Where The Action Is Rock Festival, Day 1

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I spent yesterday afternoon and evening at a rock festival out near the university. I arrived early through pouring rain to scope the place out, wearing my army surplus rain cape and southwester and fieldwork boots, attracting looks. Because of my face? My funny hat? Both? One young man turned to me for help with his ticket. He thought I was crew. My gear is good, though my knees got soaked and my hands numb.


Christopher Sander and his band opened the event. He used to head a band named Nothing. In Swedish: Ingenting. His new band were eleven people and played good space-groove tunes à la Spacemen 3 mixed with poppier items. A little subdued but good stuff.

A number of bands failed to draw me in. It was touching to see the pleased looks on the faces of the many grizzled original Pretenders fans who were there. I was basically there for the same reason as them: to hear a band that was huge when I was seventeen. (Though I didn’t catch on to them until years after they’d disbanded.)

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Miss Li was a great and pleasant surprise. She plays the piano and has a huge voice, a great stage presence and an awesome band. Cabaret music, big band blues, even some klezmer: unbelievably good! (I may be somewhat biased by the fact that the talented Miss Li is also a sight for sore eyes.)


Seasick Steve also ruled. Roots blues, roots boogie, simply unbelievable the amount of music the man can pull out of a guitar with three strings! And he won the stage banter contest hands down.

Kristofer Åström & the Rainaways played some good sad-hearted country rock. Funny to hear young Åström sing with the heartbroken voice of a man with three bad divorces behind him and sound completely believable. And the band’s scruffy looks were lovely.


And then the band I really came for: the Pixies, who released their last album in 1991. I love them, I love Frank Black’s solo work, never attended a gig before. I knew from live recordings that the Pixies used to play their songs pretty much like on the records, and they still do. When the time came for a cover even that was a tune they used to play back in the day. It was an excellent Pixies gig, I certainly wasn’t disappointed, but it seems a little odd that someone as creative and productive as Frank Black wouldn’t ask the band to learn a new tune or two.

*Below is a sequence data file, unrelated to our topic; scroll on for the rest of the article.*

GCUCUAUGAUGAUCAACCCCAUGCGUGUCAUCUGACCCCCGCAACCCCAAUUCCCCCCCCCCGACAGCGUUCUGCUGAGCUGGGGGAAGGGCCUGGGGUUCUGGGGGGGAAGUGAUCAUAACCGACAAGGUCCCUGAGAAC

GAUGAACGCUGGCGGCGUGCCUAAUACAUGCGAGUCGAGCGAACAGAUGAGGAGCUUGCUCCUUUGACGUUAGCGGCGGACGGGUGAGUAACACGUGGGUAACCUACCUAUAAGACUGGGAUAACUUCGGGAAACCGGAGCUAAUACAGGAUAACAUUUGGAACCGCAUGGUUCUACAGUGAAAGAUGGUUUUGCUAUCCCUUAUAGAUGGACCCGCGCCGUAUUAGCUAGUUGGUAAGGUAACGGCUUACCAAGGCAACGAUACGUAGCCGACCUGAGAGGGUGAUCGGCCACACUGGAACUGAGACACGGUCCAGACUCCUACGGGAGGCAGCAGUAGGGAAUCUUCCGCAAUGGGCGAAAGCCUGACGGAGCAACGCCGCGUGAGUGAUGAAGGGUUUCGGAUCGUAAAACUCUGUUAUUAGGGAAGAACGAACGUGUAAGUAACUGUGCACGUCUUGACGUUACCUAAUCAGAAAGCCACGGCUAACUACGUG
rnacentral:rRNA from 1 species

I like rock festivals that I can commute to from home, though it’s been three years since the last one for me. Never wanted to go to one where I have to live in a tent and put up with a lot of drunks. It’s good to be able to wander from one gig to another, all happening on time, with food stalls and a lot of funny people to look at. Even when it’s raining.


3 thoughts on “Where The Action Is Rock Festival, Day 1

  1. Ah…I’d swim through a sea of mud to hear Ms Hynde and the Pretenders again. Thanks for the memories.
    Re archeology: what would be the distinguishing characteristics of a depositional sequence in a location/site where outdoor rock concerts were held?


  2. Since we weren’t allowed to bring beer, you wouldn’t find many aluminium can rings. You might find a coin scatter around the food & drink stalls’ sites. I have a feeling though that most festivals make less of an imprint beneath the turf layer than simply ploughing the fields in question would.


  3. Ah.. Francis Black. Pixies. Any band with a song dealing with El Nino has to be cool. I think Pixies are kind of archival now live. They do make new music but not as the Pixies but things like Frank Black and the Catholics (It’s a beautiful day, It’s a horrible day). And others. He also sings a mean version of Robert Wilson, Tom Waits and William Burroughs “The Black Rider”. He can sound like the devil very well!


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